Thompson moves to let folks Begin Again

Brian Josephs | 6/25/2015, 10:09 a.m.
Emmanuel Baptist Church, located a block away from Brooklyn’s Pratt Institute, was a place of hope for the thousands who ...
Ken Thompson

Emmanuel Baptist Church, located a block away from Brooklyn’s Pratt Institute, was a place of hope for the thousands who lined up outside last Friday and Saturday. This wasn’t just an evangelical sort of hope.

The lines had people from Brooklyn to the Bronx waiting to clear bench warrants. Begin Again, a community initiative backed by Brooklyn District Attorney Ken Thompson’s office, was at the church to help.

Begin Again focuses on using non-confrontational methods to solve bench warrants that rose from unanswered summons. Thompson was thinking about such an initiative when he was campaigning in 2013.

“During Father’s Day weekend, over 1,000 people came out to the Begin Again initiative held at Emmanuel Baptist Church in Clinton Hill to get their outstanding arrest warrants vacated,” Thompson told the AmNews. “It was quite a sight to see so many people who got summonses for riding their bikes on the sidewalk or walking their dogs without a leash or for other low-level offenses get the burden of open warrants lifted off their shoulders, begin again and move on with their lives. I will take Begin Again to East New York next and then to other parts of Brooklyn to help many others clear up their outstanding summonses and warrants.”

Last weekend was Begin Again’s first event, where they reviewed each participant’s case, one by one.

The people who stood in line outside of the church accounted for only a fraction of the outstanding arrest warrants in New York City. Thompson said there are 1.2 million such warrants in New York City. Most are over a year old, and some are older than a decade. Some people simply can’t make it to the lower Manhattan office to settle the issue for a variety of reasons. Others simply forget or don’t know they have an outstanding warrant. Regardless of the reason, the citizens still suffer the consequences.

“In Brooklyn alone, tens of thousands of people have such warrants, which can impede their ability to get a job, apply for citizenship or obtain public housing, thereby eroding their futures and, by extension, weakening a community,” Thompson said.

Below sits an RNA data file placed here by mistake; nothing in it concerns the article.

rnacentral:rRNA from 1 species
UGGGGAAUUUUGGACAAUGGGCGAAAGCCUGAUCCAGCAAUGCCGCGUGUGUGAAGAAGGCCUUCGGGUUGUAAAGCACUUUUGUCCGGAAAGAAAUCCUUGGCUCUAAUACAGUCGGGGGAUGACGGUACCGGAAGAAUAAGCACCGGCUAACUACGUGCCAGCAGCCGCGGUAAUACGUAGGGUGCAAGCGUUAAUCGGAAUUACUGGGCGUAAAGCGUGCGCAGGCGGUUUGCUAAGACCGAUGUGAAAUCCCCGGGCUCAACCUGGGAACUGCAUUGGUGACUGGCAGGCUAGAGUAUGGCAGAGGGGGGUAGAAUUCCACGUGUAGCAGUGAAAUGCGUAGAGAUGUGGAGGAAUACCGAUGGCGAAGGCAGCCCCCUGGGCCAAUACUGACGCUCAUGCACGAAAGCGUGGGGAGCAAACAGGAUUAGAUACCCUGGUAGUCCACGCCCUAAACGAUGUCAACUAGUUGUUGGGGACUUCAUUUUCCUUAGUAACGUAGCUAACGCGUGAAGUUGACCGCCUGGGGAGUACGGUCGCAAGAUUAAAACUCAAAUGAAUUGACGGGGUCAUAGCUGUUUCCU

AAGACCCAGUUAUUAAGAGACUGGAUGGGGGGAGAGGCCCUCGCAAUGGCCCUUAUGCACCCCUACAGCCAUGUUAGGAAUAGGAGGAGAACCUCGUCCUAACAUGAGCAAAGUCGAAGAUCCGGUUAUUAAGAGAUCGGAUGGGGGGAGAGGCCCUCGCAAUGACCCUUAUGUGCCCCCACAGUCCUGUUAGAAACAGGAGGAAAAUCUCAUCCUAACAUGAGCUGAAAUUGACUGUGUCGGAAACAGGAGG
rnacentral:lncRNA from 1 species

Begin Again isn’t only notable for how it directly addresses the issue. The first weekend brought together the efforts of community bodies and members to efficient effect. Begin Again involved the efforts of community leaders, the Office of Court Administration, the Legal Aid Society and church members.

Although the line stretched around the block, Press Secretary Charisma L. Troiano said that everybody who waited got a chance to meet with a legal aid attorney, who individually interviewed them about any outstanding summonses. The temporary clients then waited in a sanctuary to be called again to meet with a legal aid attorney in front of a judge to adjudicate the warrant. With this process, a years-long warrant was settled within a few hours. It’s a smoother process compared with the more uncomfortable lower Manhattan hearing.

“Let’s say you had a summons for public urination and the reason is that you had a prostate issue. Now because there’s no privacy or room to consult with your attorney, you mention this to your attorney in front of an entire courtroom when you’re going to see the judge. You make this public announcement,” Troiano said. “It’s very much a question about due process.”

Begin Again also featured various other forms of assistance through a resource fair. Community organizations set up tents and tables outside of the church, and they offered services such as public housing information, job training and health care provisions. The addition makes Begin Again more of a social service than strictly a legal one.

“Once you get this warrant off of your background, now what? Now you can begin again and apply for public housing,” Troiano said. “You can sit down and talk to someone: ‘Now I can look for a job.’”